South West forces go live with £1.1m intelligence sharing scheme

Five police forces across the south west of England have gone live with a groundbreaking new system that has been designed to ensure the best possible sharing of intelligence across the region.

Apr 12, 2012
By Paul Jacques
Detective Chief Superintendent Jon McAdam

Five police forces across the south west of England have gone live with a groundbreaking new system that has been designed to ensure the best possible sharing of intelligence across the region.

The forces participating in the project are Devon and Cornwall Police, Avon and Somerset Constabulary, Dorset Police, Wiltshire Police and Gloucestershire Constabulary.

The system, supplied by Charter Systems, will allow them to pool their intelligence resources into a single application that staff can access 24 hours a day, seven days a week.

It is the first fully collaborative initiative of its kind and will act as a national pilot.

The total cost of the system has been around £1.1 million and the five forces are looking at making revenue savings of approximately £380,000, with costs being shared across the region and additional funding coming from the Home Office.

When work on the project began, four of the five forces had standalone databases from Charter Systems for managing intelligence such as mobile phone data requests. Under the new deal, a shared version of the system has been introduced for all five forces. It has also migrated the four existing Oracle databases on a shared central database that incorporates some force-only access for restricted data.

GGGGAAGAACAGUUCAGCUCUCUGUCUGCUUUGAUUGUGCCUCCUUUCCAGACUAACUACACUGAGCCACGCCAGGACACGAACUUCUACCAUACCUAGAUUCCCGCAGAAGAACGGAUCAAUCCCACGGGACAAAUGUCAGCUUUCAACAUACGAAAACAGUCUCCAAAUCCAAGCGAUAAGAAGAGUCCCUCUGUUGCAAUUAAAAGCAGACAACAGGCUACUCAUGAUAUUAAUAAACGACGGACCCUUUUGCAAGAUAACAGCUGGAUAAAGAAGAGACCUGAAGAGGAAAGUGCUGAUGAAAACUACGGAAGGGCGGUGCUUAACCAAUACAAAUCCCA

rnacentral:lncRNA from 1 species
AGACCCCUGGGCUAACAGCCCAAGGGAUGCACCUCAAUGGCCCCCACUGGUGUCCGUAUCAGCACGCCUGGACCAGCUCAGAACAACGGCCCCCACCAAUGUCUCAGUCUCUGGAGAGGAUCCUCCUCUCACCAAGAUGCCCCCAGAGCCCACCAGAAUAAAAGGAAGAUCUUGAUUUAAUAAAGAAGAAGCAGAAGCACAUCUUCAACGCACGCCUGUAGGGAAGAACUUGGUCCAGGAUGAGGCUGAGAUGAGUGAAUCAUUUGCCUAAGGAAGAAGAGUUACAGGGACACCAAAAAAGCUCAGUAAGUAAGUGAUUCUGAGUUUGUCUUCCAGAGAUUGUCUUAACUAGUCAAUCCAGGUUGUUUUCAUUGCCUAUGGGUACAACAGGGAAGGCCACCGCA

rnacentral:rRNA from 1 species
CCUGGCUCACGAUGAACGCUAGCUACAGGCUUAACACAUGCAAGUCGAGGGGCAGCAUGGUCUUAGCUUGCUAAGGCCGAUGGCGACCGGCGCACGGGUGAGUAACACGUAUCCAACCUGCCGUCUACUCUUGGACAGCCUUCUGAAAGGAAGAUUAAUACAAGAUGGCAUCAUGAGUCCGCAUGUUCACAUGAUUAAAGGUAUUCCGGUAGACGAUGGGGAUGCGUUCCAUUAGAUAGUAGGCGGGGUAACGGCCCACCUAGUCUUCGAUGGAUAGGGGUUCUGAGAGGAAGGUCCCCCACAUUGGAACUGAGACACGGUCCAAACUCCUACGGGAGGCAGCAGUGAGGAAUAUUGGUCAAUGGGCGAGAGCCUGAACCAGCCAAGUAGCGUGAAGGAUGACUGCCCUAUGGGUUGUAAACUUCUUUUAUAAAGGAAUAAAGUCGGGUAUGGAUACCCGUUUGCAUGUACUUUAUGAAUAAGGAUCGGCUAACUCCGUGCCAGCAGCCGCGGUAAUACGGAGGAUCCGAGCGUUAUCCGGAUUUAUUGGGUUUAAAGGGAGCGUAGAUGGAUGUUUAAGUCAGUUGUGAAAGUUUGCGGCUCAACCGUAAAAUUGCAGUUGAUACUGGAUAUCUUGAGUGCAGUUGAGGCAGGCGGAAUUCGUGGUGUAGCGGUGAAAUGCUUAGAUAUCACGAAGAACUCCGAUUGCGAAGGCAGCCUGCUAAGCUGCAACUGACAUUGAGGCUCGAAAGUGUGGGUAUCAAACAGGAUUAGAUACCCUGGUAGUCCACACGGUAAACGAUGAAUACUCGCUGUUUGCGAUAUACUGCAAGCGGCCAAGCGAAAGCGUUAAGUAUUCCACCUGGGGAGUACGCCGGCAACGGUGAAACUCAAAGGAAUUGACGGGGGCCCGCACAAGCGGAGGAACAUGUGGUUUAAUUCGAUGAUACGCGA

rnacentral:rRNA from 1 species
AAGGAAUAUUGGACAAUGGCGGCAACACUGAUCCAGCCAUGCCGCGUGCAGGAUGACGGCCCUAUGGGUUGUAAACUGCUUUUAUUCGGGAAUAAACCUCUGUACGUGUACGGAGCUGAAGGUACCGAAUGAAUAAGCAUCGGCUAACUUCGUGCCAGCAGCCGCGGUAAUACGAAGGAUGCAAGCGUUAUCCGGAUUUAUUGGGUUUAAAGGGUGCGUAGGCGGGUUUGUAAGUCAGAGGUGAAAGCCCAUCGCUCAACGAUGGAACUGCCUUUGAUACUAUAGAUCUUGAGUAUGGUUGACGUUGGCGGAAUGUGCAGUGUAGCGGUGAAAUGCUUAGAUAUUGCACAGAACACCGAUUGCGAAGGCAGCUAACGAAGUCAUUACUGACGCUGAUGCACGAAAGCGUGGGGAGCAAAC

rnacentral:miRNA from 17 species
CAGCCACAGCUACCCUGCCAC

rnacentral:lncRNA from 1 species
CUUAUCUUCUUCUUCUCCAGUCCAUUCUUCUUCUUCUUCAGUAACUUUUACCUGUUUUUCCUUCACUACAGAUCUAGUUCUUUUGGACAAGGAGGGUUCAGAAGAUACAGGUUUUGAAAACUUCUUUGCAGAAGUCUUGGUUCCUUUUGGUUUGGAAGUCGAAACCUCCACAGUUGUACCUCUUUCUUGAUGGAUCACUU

The benefits of the new system will be both financial and operational, with huge cost savings in terms of reducing paper work, duplication of effort and the reduction of staff required to support 24-hour activity following the introduction of a central repository for all RIPA (Regulation of the Investigatory Powers Act) based authorities and covert operations and surveillance carried out across the South West region.

Charter Systems says that working together will improve and standardise processes that include better intelligence management, technical surveillance unit management and quicker authorisations.

In addition, it will provide the opportunity to share best practice across the region, develop intelligence opportunities (particularly in complex surveillance operations) and maximise opportunities for future collaboration in terms of covert policing.

Assistant Chief Constable Mike Glanville from Dorset Police who led the project said: “The first priority was looking to improve our operational capability. Operating in separate forces, the big challenge across the region has always been how can we work closely together, particularly in the area of organised crime. Collaboration between different forces is increasingly recognised as the only way we can deliver ‘more for less’. Our strategic partnership with Charter Systems will enable the forces of the South West region to benefit from a first of its kind collaborative initiative, setting the precedent for more collaborative approaches to policing.”

Detective Superintendant Paul Burgan from Devon and Cornwall Police, the senior operational user of the new system and the individual responsible for its implementation, added: “Apart from the obvious cost savings and corporate benefits the introduction of an integrated system brings, the collaboration will dramatically improve the operational potential to target cross-border criminals, particularly in drug trafficking and organised crime.

“This joined-up way of working not only improves our internal processes, but will improve our ability to target organised crime, improve our cross-border links and ultimately improve our service delivery to the public.”

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